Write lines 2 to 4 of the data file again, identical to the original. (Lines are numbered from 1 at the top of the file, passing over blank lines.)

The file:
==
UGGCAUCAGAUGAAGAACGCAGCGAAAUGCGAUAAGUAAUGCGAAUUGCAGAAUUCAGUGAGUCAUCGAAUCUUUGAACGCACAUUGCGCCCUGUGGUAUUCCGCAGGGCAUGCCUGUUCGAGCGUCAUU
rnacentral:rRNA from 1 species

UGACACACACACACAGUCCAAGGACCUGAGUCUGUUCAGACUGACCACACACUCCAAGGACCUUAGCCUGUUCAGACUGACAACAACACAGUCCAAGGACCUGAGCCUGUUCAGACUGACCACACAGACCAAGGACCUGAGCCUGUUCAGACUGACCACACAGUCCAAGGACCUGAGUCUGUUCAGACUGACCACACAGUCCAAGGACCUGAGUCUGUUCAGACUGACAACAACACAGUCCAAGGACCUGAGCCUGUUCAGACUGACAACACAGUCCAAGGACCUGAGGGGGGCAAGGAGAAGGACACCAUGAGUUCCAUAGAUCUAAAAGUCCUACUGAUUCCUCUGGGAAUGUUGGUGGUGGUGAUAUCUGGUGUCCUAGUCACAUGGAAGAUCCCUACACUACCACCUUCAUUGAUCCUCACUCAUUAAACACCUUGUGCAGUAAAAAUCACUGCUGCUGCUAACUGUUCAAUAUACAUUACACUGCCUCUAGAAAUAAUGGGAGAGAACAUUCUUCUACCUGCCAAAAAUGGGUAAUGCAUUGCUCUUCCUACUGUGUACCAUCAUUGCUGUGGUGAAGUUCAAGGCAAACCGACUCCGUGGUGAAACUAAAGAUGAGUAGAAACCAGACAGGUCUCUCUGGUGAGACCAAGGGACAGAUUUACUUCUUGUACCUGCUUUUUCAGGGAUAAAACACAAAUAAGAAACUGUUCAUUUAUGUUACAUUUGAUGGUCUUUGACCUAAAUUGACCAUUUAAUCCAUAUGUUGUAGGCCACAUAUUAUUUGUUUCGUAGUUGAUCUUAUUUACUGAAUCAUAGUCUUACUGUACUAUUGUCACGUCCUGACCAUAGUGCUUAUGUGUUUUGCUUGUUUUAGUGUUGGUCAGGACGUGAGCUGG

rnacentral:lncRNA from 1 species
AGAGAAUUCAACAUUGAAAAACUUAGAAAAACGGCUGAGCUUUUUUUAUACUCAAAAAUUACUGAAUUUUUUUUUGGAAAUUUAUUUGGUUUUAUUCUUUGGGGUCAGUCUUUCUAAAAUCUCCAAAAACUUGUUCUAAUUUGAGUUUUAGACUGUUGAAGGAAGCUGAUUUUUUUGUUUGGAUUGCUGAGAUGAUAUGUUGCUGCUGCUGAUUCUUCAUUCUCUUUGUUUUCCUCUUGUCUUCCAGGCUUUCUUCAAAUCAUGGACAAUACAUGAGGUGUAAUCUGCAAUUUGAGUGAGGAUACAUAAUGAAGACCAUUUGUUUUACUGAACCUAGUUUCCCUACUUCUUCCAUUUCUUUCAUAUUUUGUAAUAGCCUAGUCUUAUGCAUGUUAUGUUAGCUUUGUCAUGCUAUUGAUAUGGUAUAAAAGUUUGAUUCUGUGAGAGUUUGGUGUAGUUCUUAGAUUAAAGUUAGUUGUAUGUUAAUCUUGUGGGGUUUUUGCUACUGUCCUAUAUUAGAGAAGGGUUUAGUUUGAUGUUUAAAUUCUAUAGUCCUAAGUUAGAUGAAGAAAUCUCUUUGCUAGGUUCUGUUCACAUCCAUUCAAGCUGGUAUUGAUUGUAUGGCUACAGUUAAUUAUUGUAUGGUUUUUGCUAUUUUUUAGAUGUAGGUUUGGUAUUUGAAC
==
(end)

rnacentral:rRNA from 1 species

UGACACACACACACAGUCCAAGGACCUGAGUCUGUUCAGACUGACCACACACUCCAAGGACCUUAGCCUGUUCAGACUGACAACAACACAGUCCAAGGACCUGAGCCUGUUCAGACUGACCACACAGACCAAGGACCUGAGCCUGUUCAGACUGACCACACAGUCCAAGGACCUGAGUCUGUUCAGACUGACCACACAGUCCAAGGACCUGAGUCUGUUCAGACUGACAACAACACAGUCCAAGGACCUGAGCCUGUUCAGACUGACAACACAGUCCAAGGACCUGAGGGGGGCAAGGAGAAGGACACCAUGAGUUCCAUAGAUCUAAAAGUCCUACUGAUUCCUCUGGGAAUGUUGGUGGUGGUGAUAUCUGGUGUCCUAGUCACAUGGAAGAUCCCUACACUACCACCUUCAUUGAUCCUCACUCAUUAAACACCUUGUGCAGUAAAAAUCACUGCUGCUGCUAACUGUUCAAUAUACAUUACACUGCCUCUAGAAAUAAUGGGAGAGAACAUUCUUCUACCUGCCAAAAAUGGGUAAUGCAUUGCUCUUCCUACUGUGUACCAUCAUUGCUGUGGUGAAGUUCAAGGCAAACCGACUCCGUGGUGAAACUAAAGAUGAGUAGAAACCAGACAGGUCUCUCUGGUGAGACCAAGGGACAGAUUUACUUCUUGUACCUGCUUUUUCAGGGAUAAAACACAAAUAAGAAACUGUUCAUUUAUGUUACAUUUGAUGGUCUUUGACCUAAAUUGACCAUUUAAUCCAUAUGUUGUAGGCCACAUAUUAUUUGUUUCGUAGUUGAUCUUAUUUACUGAAUCAUAGUCUUACUGUACUAUUGUCACGUCCUGACCAUAGUGCUUAUGUGUUUUGCUUGUUUUAGUGUUGGUCAGGACGUGAGCUGG

rnacentral:lncRNA from 1 species